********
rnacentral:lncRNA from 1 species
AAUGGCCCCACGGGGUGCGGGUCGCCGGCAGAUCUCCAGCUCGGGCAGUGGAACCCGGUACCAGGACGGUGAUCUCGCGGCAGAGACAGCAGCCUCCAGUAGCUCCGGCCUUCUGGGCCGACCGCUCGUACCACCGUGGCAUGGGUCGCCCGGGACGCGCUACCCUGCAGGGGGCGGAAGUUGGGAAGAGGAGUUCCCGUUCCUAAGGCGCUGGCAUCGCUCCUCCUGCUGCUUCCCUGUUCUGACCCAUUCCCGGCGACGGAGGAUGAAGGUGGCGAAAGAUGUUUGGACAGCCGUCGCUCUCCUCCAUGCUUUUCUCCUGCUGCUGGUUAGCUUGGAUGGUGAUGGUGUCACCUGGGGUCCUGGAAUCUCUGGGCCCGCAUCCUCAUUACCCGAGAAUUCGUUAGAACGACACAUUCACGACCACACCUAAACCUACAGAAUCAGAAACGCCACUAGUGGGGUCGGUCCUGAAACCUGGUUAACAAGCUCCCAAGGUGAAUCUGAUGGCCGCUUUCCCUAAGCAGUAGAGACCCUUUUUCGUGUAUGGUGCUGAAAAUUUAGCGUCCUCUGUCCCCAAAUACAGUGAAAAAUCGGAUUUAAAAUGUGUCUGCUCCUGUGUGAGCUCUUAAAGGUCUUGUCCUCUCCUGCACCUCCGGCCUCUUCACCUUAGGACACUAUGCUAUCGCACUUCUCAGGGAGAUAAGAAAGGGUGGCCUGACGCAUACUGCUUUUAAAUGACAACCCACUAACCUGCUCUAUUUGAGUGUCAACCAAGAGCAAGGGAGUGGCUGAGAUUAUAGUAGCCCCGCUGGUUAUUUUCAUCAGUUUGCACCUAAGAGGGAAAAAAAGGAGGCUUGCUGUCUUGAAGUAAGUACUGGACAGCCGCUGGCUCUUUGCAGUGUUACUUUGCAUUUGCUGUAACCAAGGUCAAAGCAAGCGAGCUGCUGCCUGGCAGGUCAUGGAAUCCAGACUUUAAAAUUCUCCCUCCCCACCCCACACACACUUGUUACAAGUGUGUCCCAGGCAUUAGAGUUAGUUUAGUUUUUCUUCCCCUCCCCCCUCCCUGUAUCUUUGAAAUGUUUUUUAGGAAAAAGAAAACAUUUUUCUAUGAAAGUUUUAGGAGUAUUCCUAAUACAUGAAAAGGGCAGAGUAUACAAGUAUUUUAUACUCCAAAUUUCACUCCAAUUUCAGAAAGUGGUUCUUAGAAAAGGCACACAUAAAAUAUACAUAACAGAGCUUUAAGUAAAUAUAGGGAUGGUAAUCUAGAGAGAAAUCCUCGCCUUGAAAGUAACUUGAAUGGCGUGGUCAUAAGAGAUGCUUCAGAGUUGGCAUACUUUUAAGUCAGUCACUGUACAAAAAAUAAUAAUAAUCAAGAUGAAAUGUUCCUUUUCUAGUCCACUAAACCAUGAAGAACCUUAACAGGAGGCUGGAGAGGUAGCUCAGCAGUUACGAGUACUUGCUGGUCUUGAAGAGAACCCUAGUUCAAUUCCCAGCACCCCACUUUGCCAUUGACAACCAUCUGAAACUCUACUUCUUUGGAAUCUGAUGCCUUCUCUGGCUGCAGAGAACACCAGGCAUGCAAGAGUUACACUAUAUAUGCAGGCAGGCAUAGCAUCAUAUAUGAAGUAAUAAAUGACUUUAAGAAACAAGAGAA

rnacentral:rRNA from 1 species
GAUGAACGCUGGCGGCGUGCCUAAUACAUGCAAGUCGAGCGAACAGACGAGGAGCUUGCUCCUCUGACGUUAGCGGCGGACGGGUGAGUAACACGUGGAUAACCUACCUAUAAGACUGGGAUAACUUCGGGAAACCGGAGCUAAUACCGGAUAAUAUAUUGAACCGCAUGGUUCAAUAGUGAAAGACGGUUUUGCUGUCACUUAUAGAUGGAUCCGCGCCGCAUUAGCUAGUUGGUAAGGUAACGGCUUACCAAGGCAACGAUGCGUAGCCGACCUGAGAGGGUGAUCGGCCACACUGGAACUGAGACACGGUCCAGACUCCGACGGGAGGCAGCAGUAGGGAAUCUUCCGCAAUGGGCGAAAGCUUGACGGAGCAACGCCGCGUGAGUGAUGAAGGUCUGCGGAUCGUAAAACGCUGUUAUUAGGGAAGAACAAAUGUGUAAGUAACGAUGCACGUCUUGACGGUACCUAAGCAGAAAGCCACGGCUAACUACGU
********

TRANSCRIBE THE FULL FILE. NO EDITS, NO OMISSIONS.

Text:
rnacentral:lncRNA from 1 species
AAUGGCCCCACGGGGUGCGGGUCGCCGGCAGAUCUCCAGCUCGGGCAGUGGAACCCGGUACCAGGACGGUGAUCUCGCGGCAGAGACAGCAGCCUCCAGUAGCUCCGGCCUUCUGGGCCGACCGCUCGUACCACCGUGGCAUGGGUCGCCCGGGACGCGCUACCCUGCAGGGGGCGGAAGUUGGGAAGAGGAGUUCCCGUUCCUAAGGCGCUGGCAUCGCUCCUCCUGCUGCUUCCCUGUUCUGACCCAUUCCCGGCGACGGAGGAUGAAGGUGGCGAAAGAUGUUUGGACAGCCGUCGCUCUCCUCCAUGCUUUUCUCCUGCUGCUGGUUAGCUUGGAUGGUGAUGGUGUCACCUGGGGUCCUGGAAUCUCUGGGCCCGCAUCCUCAUUACCCGAGAAUUCGUUAGAACGACACAUUCACGACCACACCUAAACCUACAGAAUCAGAAACGCCACUAGUGGGGUCGGUCCUGAAACCUGGUUAACAAGCUCCCAAGGUGAAUCUGAUGGCCGCUUUCCCUAAGCAGUAGAGACCCUUUUUCGUGUAUGGUGCUGAAAAUUUAGCGUCCUCUGUCCCCAAAUACAGUGAAAAAUCGGAUUUAAAAUGUGUCUGCUCCUGUGUGAGCUCUUAAAGGUCUUGUCCUCUCCUGCACCUCCGGCCUCUUCACCUUAGGACACUAUGCUAUCGCACUUCUCAGGGAGAUAAGAAAGGGUGGCCUGACGCAUACUGCUUUUAAAUGACAACCCACUAACCUGCUCUAUUUGAGUGUCAACCAAGAGCAAGGGAGUGGCUGAGAUUAUAGUAGCCCCGCUGGUUAUUUUCAUCAGUUUGCACCUAAGAGGGAAAAAAAGGAGGCUUGCUGUCUUGAAGUAAGUACUGGACAGCCGCUGGCUCUUUGCAGUGUUACUUUGCAUUUGCUGUAACCAAGGUCAAAGCAAGCGAGCUGCUGCCUGGCAGGUCAUGGAAUCCAGACUUUAAAAUUCUCCCUCCCCACCCCACACACACUUGUUACAAGUGUGUCCCAGGCAUUAGAGUUAGUUUAGUUUUUCUUCCCCUCCCCCCUCCCUGUAUCUUUGAAAUGUUUUUUAGGAAAAAGAAAACAUUUUUCUAUGAAAGUUUUAGGAGUAUUCCUAAUACAUGAAAAGGGCAGAGUAUACAAGUAUUUUAUACUCCAAAUUUCACUCCAAUUUCAGAAAGUGGUUCUUAGAAAAGGCACACAUAAAAUAUACAUAACAGAGCUUUAAGUAAAUAUAGGGAUGGUAAUCUAGAGAGAAAUCCUCGCCUUGAAAGUAACUUGAAUGGCGUGGUCAUAAGAGAUGCUUCAGAGUUGGCAUACUUUUAAGUCAGUCACUGUACAAAAAAUAAUAAUAAUCAAGAUGAAAUGUUCCUUUUCUAGUCCACUAAACCAUGAAGAACCUUAACAGGAGGCUGGAGAGGUAGCUCAGCAGUUACGAGUACUUGCUGGUCUUGAAGAGAACCCUAGUUCAAUUCCCAGCACCCCACUUUGCCAUUGACAACCAUCUGAAACUCUACUUCUUUGGAAUCUGAUGCCUUCUCUGGCUGCAGAGAACACCAGGCAUGCAAGAGUUACACUAUAUAUGCAGGCAGGCAUAGCAUCAUAUAUGAAGUAAUAAAUGACUUUAAGAAACAAGAGAA

rnacentral:rRNA from 1 species
GAUGAACGCUGGCGGCGUGCCUAAUACAUGCAAGUCGAGCGAACAGACGAGGAGCUUGCUCCUCUGACGUUAGCGGCGGACGGGUGAGUAACACGUGGAUAACCUACCUAUAAGACUGGGAUAACUUCGGGAAACCGGAGCUAAUACCGGAUAAUAUAUUGAACCGCAUGGUUCAAUAGUGAAAGACGGUUUUGCUGUCACUUAUAGAUGGAUCCGCGCCGCAUUAGCUAGUUGGUAAGGUAACGGCUUACCAAGGCAACGAUGCGUAGCCGACCUGAGAGGGUGAUCGGCCACACUGGAACUGAGACACGGUCCAGACUCCGACGGGAGGCAGCAGUAGGGAAUCUUCCGCAAUGGGCGAAAGCUUGACGGAGCAACGCCGCGUGAGUGAUGAAGGUCUGCGGAUCGUAAAACGCUGUUAUUAGGGAAGAACAAAUGUGUAAGUAACGAUGCACGUCUUGACGGUACCUAAGCAGAAAGCCACGGCUAACUACGU